Tuesday, June 26, 2007

Could someone turn up the heat?

I realize that in some of my previous posts I was noting (strike out, complaining) about the lack of sun here in London. Having been here two months (!) I realize that this was naive. There is plenty of sun. It's hard to predict, and doesn't necessarily last a whole day (let alone a few days or week), but it's there. But so far missing: heat. It can turn sunny but still with a stiff breeze to keep things nice and cool. I was on the continent last week, evidently, and there things were back to normal: clouds=cool, sun=warm. This will take some getting used to, and plenty of Ryanair... Cheers, BB

Sunday, June 24, 2007

Punchline missing

The punchline is rather missing to this post. Nonetheless, here we go. A bit like the New Yorker, I'll run a contest for the best punchline provided. Cheers, BB

Wednesday, June 20, 2007

Alien abduction! True story! (or Let them eat art)

Despite a lot of snobbery of various aspects of life in London, visual art does not seem to be one of them. What is exists - admittedly not as much as New York - is available to all. And galleries seem genuinely pleased to have the populi circulating through their veins. I went to some sort of celeb-studded opening the other night. Just phoned up and asked whether I had to r.s.v.p. I was told, quite unusually, that it was open to the public. So while celebs who seemed very familiar but that I didn't really recognize milled about surrounded by long-legged gazelles, I puttered around, looking at the art and wishing I had worn better shoes.

Then yesterday I dropped by the Hayward Gallery. This is a different concept: art that is actually fun, in a creepy Close Encounters meets conceptual art meets downtown clubbing meets futurism meets medieval torture kind of way. As you approach, you see these ominous figures watching you from nearby buildings:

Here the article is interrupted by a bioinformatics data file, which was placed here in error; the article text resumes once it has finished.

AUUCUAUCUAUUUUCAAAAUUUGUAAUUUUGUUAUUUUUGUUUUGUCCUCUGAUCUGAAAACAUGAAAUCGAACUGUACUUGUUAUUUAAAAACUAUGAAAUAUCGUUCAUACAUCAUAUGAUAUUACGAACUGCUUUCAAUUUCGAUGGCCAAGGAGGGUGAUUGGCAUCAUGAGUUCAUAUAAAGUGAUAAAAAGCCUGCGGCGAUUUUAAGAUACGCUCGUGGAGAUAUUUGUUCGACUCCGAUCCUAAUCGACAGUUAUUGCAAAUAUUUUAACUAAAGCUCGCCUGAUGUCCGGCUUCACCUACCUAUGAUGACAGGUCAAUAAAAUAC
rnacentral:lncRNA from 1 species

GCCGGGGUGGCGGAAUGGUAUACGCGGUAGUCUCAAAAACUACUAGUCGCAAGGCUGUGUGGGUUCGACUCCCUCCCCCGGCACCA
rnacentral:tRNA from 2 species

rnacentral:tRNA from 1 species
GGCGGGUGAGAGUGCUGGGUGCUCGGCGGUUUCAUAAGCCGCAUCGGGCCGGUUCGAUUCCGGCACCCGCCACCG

although in fact they have been mistaken for would-be jumpers. First off as you enter, you join a queue. That's right, you queue for art just like attractions at Disney World. I know it sounds bad, but it turns out to be essential to the art. Because as you wait, you watch people entering this gaseous box:

Entering, disappearing, only to reappear as ghostly apparitions:

Then you go in yourself. You've imagined what it is going to be like. A bit like the smoke machine at a club you think. Not quite. It's intensely bright and entirely blinding. I can't see beyond arm's reach. And oh by the way, I can't breathe. I take a few steps in and lose all sense of orientation and space. It's not panic that I feel, but rational fear. Fortunately I can walk in a straight line (a skill that has come in handy more than once) so I somehow make it to a wall and exit, quickly, quietly. No fun house this one, though fascinating. Then I make my way up and join the next queue. Again I wish I could complain, but the queue is part of it. From the outside you see a sieve like box:
And through the little holes you see this:

What you're actually seeing is through to the other wall. The inside is a bit like an alien space ship with metal rods protruding creating a 3d space (or is it a maze?)

Finally, on your way out you pass a gallery that is truly beautiful torture chamber:The guard stopped me from taking more pictures, but imagine the outline of a human body in wire mesh which in turn is surrounded by a superstructure of a wire lattice. Are they being tortured? To me it looked somewhere between the dynamism of a futurist art work and the stasis of sleep. Paradoxical, but there it is.